THE speed with which the Philippine National Police has identified, and filed murder charges against, the suspects in the killing of an Ilocos Norte journalist was unprecedented.
Police investigations into extrajudicial killings and the killing of journalists, if they take place at all, usually move with the speed of flowing molasses. This time the investigation, identification of the suspects, and the filing of charges took place in one week in what must be the police equivalent of lightning speed. It is also unusual for local officials to be so quickly charged , the alleged principal being the vice mayor-elect of Bacarra, Ilocos Norte. But that he has not yet taken office and established the usual networks with the police and the military could have helped hasten the process.
One broadsheet implied that the killings happened because the gun ban had been lifted last June 9. The dismantling of police checkpoints could have been a factor in the killings. But the decisive reasons why the killing of journalists goes on, and why three should occur immediately after the elections are rooted in the way journalism is practiced in the provinces as well as in the weaknesses of the justice system.
Two of the killings seem to have been politically-motivated, part of the fallout from the violence that precedes, attends and follows Philippine elections. But they were also examples of the entanglements journalists and media workers get into in the provinces. The killing of Agustin, like the killing of Bedolido, was very likely the consequence of involvement in local politics. Bedolido was part of the campaign of a candidate for governor of Davao del Sur, for whom, Digos media workers say, he worked as “a writer” — or, as the police put it, “a propagandist.” Bedolido had previously worked for the provincial government’s newsletter, but changed over to the rival of the incumbent.
Bedolido had been writing articles in a paper critical of local officials, in some cases exposing alleged corruption. He thus shared with some 90 percent of the journalists who have been killed since 1986 what appears to be a commitment to exposing local corruption and criminal activity.
But while among those killed since 1986 were journalists exposing corruption whoever was guilty of it, others expose only the corruption of selected local officials because they’re in the pay of these officials’ rivals. The result is their identification as partisans of this or that politician, and their being prioritized for harassment, intimidation, or murder because of the perceived impact of their commentaries or reportage.
The masterminds in the killing of journalists implicitly recognize the power of the media. It’s a power even those who have not had a day’s training in journalism have appropriated through various means, among them through “blocktiming” — the practice of buying “blocks” of radio time which are then used for programs paid for by local politicians. Many of those killed in the provinces were not surprisingly “blocktimers” whose commentaries their targets believed were damaging them before the listening public. Blocktimers were among the 32 journalists and media workers killed in Maguindanao on November 23, 2010. Apparently the masterminds in that massacre believed the media people accompanying the wife and relatives of gubernatorial candidate Esmael Magundadatu were his partisans.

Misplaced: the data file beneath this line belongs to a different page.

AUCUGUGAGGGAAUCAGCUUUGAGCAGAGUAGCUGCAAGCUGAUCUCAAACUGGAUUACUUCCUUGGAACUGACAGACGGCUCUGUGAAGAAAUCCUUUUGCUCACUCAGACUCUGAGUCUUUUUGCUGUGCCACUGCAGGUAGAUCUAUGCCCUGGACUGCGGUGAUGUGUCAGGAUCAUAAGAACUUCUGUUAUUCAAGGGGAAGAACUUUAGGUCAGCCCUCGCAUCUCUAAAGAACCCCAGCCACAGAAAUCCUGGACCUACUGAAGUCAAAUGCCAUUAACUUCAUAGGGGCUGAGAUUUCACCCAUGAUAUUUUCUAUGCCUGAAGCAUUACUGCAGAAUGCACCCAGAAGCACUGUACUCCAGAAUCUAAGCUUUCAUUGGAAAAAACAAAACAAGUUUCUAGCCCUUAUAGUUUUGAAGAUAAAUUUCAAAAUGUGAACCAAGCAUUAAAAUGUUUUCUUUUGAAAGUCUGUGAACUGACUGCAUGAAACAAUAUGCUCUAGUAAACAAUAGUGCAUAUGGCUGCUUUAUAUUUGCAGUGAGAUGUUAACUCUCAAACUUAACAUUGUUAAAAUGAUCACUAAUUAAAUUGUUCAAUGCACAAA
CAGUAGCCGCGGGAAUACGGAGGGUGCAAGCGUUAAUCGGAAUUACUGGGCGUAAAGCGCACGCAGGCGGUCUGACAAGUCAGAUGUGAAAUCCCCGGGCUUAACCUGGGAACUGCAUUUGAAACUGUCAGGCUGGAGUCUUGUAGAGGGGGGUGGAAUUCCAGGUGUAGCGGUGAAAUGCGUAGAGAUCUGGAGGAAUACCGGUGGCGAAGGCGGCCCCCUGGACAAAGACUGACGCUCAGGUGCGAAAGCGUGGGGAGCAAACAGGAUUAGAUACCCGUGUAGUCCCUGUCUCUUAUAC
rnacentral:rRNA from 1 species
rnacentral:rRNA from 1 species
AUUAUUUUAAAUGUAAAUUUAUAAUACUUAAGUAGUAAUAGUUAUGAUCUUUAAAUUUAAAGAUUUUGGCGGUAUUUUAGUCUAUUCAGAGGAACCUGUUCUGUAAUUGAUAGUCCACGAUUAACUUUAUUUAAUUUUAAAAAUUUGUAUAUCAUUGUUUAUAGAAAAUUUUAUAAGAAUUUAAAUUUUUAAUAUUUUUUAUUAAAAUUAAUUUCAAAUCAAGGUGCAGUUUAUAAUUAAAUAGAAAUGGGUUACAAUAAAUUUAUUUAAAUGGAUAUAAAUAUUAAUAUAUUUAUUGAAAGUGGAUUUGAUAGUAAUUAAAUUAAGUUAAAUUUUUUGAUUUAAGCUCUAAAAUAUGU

If the actual messages conveyed through print or broadcast can and have led to the murder of blocktimers as well as legitimate journalists, and help explain why the killings persist, an even more vital reason is the message the weaknesses of the justice system have been sending to the would-be and actual killers of journalists and the masterminds behind them. These weaknesses, which include police and local officials’ involvement in many of the killings, result in the exemption from prosecution and punishment of 98 percent of the killers and masterminds — or what has come to be known as the culture of impunity.
During the about–to- end term of Mrs. Gloria Macapagal Arroyo, the media commentaries themselves and the culture of impunity were not the only sources that encouraged the killing of journalists. Mrs. Arroyo’s messages about the media included not only the suggestion that the media are scandal mongers, purveyors of libel (her husband filed 11 libel suits against 46 journalists) and inciters to sedition. They also included the sly implication that as “enemies of the state” some media organizations had been labeled, they were fair game for the assassinations the military was orchestrating against political activists. Especially provocative was Mrs. Arroyo’s singling out for praise a general accused of some of the most brazen violations of human rights in this country.
If the killing of journalists is about messages, to stop it the incoming government of Benigno Aquino III must send its own. Mr. Aquino has so far sent two. The first was his assurance that the extrajudicial killings, and, we presume, the killing of journalists, must end. The second was his choice for Secretary of Justice Commission on Human Rights Chair Leila de Lima. During his predecessor’s term, no such statements ever emanated from the Palace. Where a plain declaration that the killings must end could have helped, Mrs. Arroyo instead encouraged the harassment of journalists and to applaud a general accused of at least tolerating extrajudicial killings. Her choice for Justice Secretary didn’t help either.
Mr. Aquino deserves praise this early for the messages he has sent about the killings. But the one truly effective message he can send once he assumes the Presidency is to see to it that the killers of political activists as well as of journalists are prosecuted and punished as a matter of state policy.